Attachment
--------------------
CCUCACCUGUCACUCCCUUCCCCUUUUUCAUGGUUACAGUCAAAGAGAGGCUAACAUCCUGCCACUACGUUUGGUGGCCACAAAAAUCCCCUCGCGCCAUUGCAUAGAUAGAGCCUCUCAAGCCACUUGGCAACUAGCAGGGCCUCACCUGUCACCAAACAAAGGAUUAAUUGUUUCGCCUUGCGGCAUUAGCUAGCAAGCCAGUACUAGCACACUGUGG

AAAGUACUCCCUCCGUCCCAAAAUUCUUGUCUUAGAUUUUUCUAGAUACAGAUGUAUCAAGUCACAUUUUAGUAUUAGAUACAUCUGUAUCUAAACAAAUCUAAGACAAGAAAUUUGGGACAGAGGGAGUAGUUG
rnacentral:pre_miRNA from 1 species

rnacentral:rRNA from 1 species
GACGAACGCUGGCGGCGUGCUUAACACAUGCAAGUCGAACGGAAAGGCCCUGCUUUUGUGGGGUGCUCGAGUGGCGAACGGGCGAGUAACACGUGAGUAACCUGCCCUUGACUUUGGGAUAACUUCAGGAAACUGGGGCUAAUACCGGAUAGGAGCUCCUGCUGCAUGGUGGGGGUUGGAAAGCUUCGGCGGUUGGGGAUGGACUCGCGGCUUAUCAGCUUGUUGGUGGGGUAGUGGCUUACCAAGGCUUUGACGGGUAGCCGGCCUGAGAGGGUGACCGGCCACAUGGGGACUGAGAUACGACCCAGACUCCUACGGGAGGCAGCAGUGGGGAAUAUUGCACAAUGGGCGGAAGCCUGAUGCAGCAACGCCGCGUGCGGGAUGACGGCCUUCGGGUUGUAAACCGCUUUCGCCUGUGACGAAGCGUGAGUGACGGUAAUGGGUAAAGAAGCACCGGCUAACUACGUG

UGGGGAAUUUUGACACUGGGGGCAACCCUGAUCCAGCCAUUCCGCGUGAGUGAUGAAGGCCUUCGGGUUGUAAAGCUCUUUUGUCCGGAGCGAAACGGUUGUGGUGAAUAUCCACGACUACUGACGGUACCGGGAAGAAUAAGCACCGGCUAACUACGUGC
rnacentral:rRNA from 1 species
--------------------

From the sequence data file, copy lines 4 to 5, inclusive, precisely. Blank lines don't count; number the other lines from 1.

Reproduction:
rnacentral:rRNA from 1 species
GACGAACGCUGGCGGCGUGCUUAACACAUGCAAGUCGAACGGAAAGGCCCUGCUUUUGUGGGGUGCUCGAGUGGCGAACGGGCGAGUAACACGUGAGUAACCUGCCCUUGACUUUGGGAUAACUUCAGGAAACUGGGGCUAAUACCGGAUAGGAGCUCCUGCUGCAUGGUGGGGGUUGGAAAGCUUCGGCGGUUGGGGAUGGACUCGCGGCUUAUCAGCUUGUUGGUGGGGUAGUGGCUUACCAAGGCUUUGACGGGUAGCCGGCCUGAGAGGGUGACCGGCCACAUGGGGACUGAGAUACGACCCAGACUCCUACGGGAGGCAGCAGUGGGGAAUAUUGCACAAUGGGCGGAAGCCUGAUGCAGCAACGCCGCGUGCGGGAUGACGGCCUUCGGGUUGUAAACCGCUUUCGCCUGUGACGAAGCGUGAGUGACGGUAAUGGGUAAAGAAGCACCGGCUAACUACGUG